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2001 Closed threads from 2001 (read only)

 
 
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Old 23 December 2001, 12:34 AM   #1
Volker_Nemsch
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OK, half of this thread is off-topic but the first half belongs here:

The United States changed their national markings on aircraft several times. They started with roundels (red/blue/white) switched over to a white star in a blue circle and a red center and changed again during WW2.

There were many discussions why and when the Germans changed their national markings (during WW1 until today) but Im curious why the Americans did it on several occasions (as far as I know France never changed the national insignia on the aircraft they flew).

Thanks in advance!
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Old 23 December 2001, 03:15 AM   #2
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Here are a couple of websites that might answer your questions:

http://www.history.navy.mil/faqs/faq2-1.htm

http://www.njahof.org/insignia.htm
 
Old 23 December 2001, 04:08 AM   #3
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Volker even the British changed national markings.The red,white, blue changed to red and blue on the wings[no I don`t know why!].In the Far Eastern theatre they were changed to Light Blue centre with a Dark Blue outer but I would assume that this was done to ensure that there were no colour marks in common with the Japanese markings.
 
Old 23 December 2001, 04:18 AM   #4
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I think you'll find that most changing of national insignia boils down to reducing the visibility of the aircraft, or attempting to eliminate mistaken identity due to similarities with other national insignia.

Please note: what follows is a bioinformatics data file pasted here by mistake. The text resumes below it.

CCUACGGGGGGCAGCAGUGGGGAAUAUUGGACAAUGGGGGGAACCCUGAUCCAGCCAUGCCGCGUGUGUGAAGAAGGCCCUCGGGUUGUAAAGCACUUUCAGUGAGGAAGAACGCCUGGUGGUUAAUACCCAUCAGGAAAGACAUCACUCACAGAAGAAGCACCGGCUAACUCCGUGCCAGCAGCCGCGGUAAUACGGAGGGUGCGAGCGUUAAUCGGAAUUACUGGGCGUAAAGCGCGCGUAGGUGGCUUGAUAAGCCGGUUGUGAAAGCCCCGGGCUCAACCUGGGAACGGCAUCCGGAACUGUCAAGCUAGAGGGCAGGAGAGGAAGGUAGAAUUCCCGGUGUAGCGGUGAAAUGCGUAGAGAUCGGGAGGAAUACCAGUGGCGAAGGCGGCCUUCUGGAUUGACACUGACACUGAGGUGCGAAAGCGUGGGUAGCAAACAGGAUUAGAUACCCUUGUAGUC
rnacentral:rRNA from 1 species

Old 23 December 2001, 04:23 AM   #5
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Hello Rex Feral!

Thank you very much for this valuable information! I have to admit that there more changes than I thought.

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Old 23 December 2001, 04:32 AM   #6
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Glad I could help!
 
Old 23 December 2001, 04:36 AM   #7
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Hello Andy Fox!

I realised that there was a change in the British national markings, too. In one of the Squadron/Signal books about the S.E.5a there was a profile of a fighter with toned down markings (dark blue instead of white) because it was used in the night fighter role. At the beginning of WW2 the markings were changed again (as you described it).

I think that today the national aircraft markings play not the important role (identification of enemy or own aircraft in sight) as they did up to the end of WW2. Computer systems and radar will identify the aircraft long before the pilot can see it with his own eyes. I think that today they are more symbols rather than markings.

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Old 23 December 2001, 04:48 AM   #8
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I seem to recall that the brits experimented with changing the shape of their roundels to an irregular shape. The idea being that the regular insignia was a target for enemy planes.
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Old 23 December 2001, 11:12 AM   #9
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Hi Leo.
Isn`t it the case that the Americans removed the central,red,portion from the star on both wings and fuselage because it makes a natural aiming point?Well it`s a thought
 
Old 23 December 2001, 11:47 AM   #10
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Military a/c still carry national markings (even if it's just a black stencil over the base coat) because international law requires it. Without the logo, the a/c crew can presumably be charged with "piracy" by an enemy.
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